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Children - No Two Alike

( Originally Published 1916 )



IF we were only consistent in our theory as to what we may expect of children, perhaps parents would more quickly come to understand the little animals for whose up-bringing they are responsible. But when it suits our purposes to assume absolute equality of ability, we do not hesitate to say to George, " I know you can learn to spell because Mrs. Johnson's boy is a very good speller, and he is three months younger than you are." On the other hand, we do not hesitate to boast—when the occasion presents itself—that our George won two medals in athletics and made the handsomest book-rack in the school shop, and that it is now on the principal's desk in the office, where all visitors can see it, and that it has George's name on it, too ! Does it never occur to us that only the fastest runner can win the medal for running, and that it is impossible for all the boys to be fastest runners?

When Mrs. Hall dropped in on her neighbor one afternoon, she could not help but admire the zeal and thoroughness with which Lily was cleaning up the china closet, and the neatness with which she then replaced the contents. And when she got home she could not resist the impulse to give expression to her admiration in the presence of her own daughter, in a tone that carried something more than a suspicion of reproach for Myra's own deficiencies in the direction of certain kinds of household work. It is no secret to anyone except Lily and Myra that only the week before Mrs. Morgan was saying, " I don't see why my girl should be behind that Myra in school. She's every bit as smart, but I suppose she doesn't try."

Why should you expect your daughter to have all the capacities and talents of your neighbor's daughter? And why should you expect your younger son to have all the capacities and talents of your older son? But if you know that each child is quite unique in his combination of abilities and limitations, what right have you to reproach. one with letting Nellie get ahead of her in music, while you reproach Nellie for not coming up to the other's standard in sewing or cooking?

Our easy transition from praise to blame for conditions that are for the most part entirely beyond the control of the children may have several unexpected and quite undesirable results. To praise George for his superior handwork, or Harry for his superior spelling is likely to make the boy unduly conceited. Praise in due measure for effort and industry has its uses in stimulating further effort until the habit of industry is fixed. But praise for a native interest or aptitude is as misplaced as praise for good looks or long hair.

On the other hand, to reproach a child by emphasizing his failure to approach a standard set by his neighbor or cousin, is not going to encourage him to try harder. It is more likely to engender a dislike or positive hatred for the unconscious model of virtue or achievement. Each one of us may recall some pet aversion to a perfectly innocent and harmless child brought about by the constant reference to Nellie or Harry as examples worthy of emulation in the very things that came hardest to us.

Let us first of all recognize that no two children can do exactly the same kinds of work in exactly the same way. Instead of adopting as our guide the abstract " average child " that occupied the attention and solicitude of educators but a few years ago, let us recognize that this average child does not exist; but that instead the world is full of a multitude of diverse little personalities, each with his own set of native interests and skills and tastes and awkwardnesses, with his own range of appreciations and his own blind spots. Let us make it our business to understand the few children in whose development and welfare we are most concerned, recognizing their talents and weaknesses. Then we shall be in a position to guide them most helpfully.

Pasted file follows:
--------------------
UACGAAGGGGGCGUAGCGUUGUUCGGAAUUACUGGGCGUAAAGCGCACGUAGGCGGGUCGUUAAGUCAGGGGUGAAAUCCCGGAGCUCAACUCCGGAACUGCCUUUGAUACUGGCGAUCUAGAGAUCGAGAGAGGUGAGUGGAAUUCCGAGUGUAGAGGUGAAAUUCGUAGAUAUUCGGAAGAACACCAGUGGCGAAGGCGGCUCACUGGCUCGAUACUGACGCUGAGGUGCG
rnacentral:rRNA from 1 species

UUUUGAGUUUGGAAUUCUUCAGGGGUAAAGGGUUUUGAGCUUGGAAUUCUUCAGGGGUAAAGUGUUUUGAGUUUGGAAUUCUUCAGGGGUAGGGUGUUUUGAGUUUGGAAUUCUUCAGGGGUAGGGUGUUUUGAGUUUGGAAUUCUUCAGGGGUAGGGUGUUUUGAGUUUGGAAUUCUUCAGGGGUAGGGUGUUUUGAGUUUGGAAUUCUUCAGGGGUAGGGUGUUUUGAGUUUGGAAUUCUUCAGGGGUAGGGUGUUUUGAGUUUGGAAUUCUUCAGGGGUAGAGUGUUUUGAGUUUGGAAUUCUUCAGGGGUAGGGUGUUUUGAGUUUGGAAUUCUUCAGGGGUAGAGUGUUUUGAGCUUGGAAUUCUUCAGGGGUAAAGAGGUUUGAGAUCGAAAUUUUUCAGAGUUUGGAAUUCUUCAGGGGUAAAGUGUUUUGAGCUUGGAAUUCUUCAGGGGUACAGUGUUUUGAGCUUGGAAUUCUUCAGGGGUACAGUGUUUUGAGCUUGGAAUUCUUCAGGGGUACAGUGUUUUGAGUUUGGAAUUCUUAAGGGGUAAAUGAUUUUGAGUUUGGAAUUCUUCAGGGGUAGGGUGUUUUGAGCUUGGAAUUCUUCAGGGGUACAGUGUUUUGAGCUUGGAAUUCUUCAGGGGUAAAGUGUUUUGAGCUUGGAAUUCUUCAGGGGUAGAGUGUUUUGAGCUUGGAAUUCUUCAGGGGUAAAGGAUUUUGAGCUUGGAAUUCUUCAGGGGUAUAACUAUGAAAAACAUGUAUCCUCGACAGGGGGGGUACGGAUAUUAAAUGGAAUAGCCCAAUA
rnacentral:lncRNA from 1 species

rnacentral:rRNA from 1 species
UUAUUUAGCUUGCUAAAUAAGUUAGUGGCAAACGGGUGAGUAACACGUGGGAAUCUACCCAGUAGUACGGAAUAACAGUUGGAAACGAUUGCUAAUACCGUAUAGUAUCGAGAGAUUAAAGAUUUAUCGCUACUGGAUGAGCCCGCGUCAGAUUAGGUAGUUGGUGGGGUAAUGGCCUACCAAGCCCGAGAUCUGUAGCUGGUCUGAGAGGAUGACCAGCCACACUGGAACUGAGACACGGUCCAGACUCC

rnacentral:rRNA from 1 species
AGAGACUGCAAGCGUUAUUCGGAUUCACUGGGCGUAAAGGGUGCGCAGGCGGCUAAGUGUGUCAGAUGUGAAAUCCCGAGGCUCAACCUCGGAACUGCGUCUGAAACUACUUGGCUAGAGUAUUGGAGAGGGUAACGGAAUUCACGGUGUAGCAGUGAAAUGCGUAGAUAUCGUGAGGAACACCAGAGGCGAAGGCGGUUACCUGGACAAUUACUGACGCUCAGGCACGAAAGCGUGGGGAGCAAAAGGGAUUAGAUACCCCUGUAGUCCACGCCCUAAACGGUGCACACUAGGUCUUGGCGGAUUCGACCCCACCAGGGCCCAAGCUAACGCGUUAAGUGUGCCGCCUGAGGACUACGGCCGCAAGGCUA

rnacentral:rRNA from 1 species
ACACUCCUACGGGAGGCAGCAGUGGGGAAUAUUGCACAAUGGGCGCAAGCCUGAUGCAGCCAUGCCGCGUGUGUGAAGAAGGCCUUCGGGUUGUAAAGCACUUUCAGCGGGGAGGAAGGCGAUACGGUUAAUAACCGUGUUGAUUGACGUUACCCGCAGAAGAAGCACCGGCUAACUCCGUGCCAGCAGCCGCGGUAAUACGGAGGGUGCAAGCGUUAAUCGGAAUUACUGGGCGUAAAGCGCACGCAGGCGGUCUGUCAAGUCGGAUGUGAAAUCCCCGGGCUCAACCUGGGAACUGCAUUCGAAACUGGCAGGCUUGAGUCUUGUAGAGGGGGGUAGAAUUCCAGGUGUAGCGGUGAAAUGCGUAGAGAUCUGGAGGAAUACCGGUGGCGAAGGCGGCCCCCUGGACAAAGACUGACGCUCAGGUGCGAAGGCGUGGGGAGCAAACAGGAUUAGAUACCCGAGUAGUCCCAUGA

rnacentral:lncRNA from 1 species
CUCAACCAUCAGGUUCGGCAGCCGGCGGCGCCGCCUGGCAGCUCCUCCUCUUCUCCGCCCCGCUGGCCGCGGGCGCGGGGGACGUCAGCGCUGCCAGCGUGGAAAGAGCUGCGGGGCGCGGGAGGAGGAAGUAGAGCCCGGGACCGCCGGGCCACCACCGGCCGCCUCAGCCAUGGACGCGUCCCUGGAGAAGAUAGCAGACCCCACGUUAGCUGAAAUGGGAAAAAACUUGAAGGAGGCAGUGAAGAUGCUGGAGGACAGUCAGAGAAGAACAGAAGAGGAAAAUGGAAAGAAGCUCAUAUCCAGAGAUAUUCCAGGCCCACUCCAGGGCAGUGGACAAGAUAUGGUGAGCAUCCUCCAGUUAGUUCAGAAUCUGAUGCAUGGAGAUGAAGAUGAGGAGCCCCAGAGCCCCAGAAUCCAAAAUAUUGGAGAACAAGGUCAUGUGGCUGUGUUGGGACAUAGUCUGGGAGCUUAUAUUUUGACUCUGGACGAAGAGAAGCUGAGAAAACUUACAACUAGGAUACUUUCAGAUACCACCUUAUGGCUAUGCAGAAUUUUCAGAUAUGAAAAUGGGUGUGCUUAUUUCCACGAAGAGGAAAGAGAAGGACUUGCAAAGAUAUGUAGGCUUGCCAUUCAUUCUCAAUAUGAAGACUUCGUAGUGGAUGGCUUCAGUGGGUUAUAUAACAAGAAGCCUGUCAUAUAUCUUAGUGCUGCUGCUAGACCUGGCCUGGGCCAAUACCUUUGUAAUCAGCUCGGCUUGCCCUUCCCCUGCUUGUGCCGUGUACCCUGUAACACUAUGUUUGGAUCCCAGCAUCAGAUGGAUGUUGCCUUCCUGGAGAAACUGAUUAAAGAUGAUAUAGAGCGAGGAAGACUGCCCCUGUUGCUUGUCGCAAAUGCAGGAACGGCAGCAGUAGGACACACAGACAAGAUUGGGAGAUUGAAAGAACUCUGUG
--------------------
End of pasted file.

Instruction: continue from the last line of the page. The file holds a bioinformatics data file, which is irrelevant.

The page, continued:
If we get away from the superstitious belief that all individuals can do all things that any one can do, we shall change our expectations and reduce our disappointments. We need not on that account lower our standards. On the contrary, we shall then be in a position to set standards that are reasonable, and standards that will in many cases be in advance of what we are accustomed to expect of our children.

There is George's spelling, for example, or Myra's housework. While spelling is a very desirable accomplishment, it is by no means an essential to happy and effective living, or to good citizenship. Moreover, it is quite within the limits of the probable that the teacher who failed to teach George spelling has overlooked the one way through which alone he could possibly learn, the art. George should be encouraged to learn to spell for a variety of good reasons; but the fact that Harry is a good speller is not one of the reasons—that fact is quite irrelevant. It is an impertinence to mention it. George should be encouraged to learn to spell, in a variety of ways; but a comparison with Harry's superiority in this direction is not one of the legitimate ways. George should be encouraged—as Myra should be encouraged—to do somewhat better today than he did yesterday or last week, and this, whether it be in spelling or in cleaning house.

We should cultivate in our children an interest in developing all of their abilities for all they are worth, and not merely to equal the attainments of a rival. The standard should he the best that a given child can do, in every way, not as good as certain others can do in some ways.



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